Mikey (I've been called that for close to 70 years; sorry.) (In grasping at straws mode.)
  9. Hollow Man

    Hollow Man New Member

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    15
    Location:
    CT
    Who would be a good person to inspect that line? Plumber or septic tank professional? I personally don't have the expertise (but will surely have learned something by the time this is over).
  10. Mikey

    Mikey Aspiring Old Fart, EE, computer & networking geek

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    My gut feeling is that if it is a freezing problem, it's inside the house. Therefore I'd find a very good plumber; septic guys, in my experience, only work outside. You really need a problem solver, not a particular tradesman, but the right plumber could certainly do the job. Word of mouth, a top-notch GC in your area, Angie's List, etc., might find the guy or gal for you.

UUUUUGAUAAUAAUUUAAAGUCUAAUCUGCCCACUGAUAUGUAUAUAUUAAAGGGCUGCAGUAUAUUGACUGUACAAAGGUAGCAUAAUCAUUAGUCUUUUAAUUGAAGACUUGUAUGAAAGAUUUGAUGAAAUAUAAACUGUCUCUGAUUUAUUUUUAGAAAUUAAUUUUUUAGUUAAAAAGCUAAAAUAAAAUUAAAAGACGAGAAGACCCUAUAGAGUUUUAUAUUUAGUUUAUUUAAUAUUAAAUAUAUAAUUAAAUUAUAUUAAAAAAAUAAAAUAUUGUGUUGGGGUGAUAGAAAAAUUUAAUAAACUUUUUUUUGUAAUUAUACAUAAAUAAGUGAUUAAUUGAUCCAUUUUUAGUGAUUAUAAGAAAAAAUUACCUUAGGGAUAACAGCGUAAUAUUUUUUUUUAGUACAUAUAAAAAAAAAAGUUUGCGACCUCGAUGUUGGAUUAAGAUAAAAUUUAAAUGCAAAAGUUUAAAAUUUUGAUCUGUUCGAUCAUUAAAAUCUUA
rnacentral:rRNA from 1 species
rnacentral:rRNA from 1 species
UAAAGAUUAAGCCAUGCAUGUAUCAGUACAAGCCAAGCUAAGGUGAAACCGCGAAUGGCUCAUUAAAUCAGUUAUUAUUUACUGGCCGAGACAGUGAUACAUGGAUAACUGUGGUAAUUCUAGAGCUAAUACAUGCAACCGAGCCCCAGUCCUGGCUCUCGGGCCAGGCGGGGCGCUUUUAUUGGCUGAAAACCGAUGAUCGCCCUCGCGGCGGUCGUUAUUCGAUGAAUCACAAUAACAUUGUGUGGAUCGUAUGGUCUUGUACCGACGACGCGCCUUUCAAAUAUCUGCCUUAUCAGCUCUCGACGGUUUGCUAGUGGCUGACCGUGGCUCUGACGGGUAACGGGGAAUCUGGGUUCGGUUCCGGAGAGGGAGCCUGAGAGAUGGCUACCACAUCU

Do you know exactly where the backwash line ties into the DWV (Drain, Waste, Vent) system? Do you have a set of as-built plans? Is your DWV plumbing exposed from where the backwash ties in until the DWV pipe(s) exit the house, or is there some behind-the-wall exploring required? If the latter, be ready for an in-pipe camera inspection.
  11. Hollow Man

    Hollow Man New Member

    Messages:
    15
    Location:
    CT
    Maybe I left out something in my explanation, because I'm not quite sure I understand why you think, if it's a freezing problem, it would be inside rather than outside. I can see exactly where the backwash line ties into the main drainage line in our basement, and it's a straight shot right out the back of the house (which is why I was thinking the problem is outside). All of it is exposed and easy to get to; nothing behind a wall.
  12. Mikey

    Mikey Aspiring Old Fart, EE, computer & networking geek

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    That's what you left out; it simplifies things greatly, and blows my theory all to heck. I was thinking of pipes hidden behind walls in uninsulated basement space. But in general, outside pipes buried below the frost line don't freeze, especially when a couple hundred gallons of temperate water pass through them daily. I don't think it's a freezing problem any more, so I withdraw my beer bet.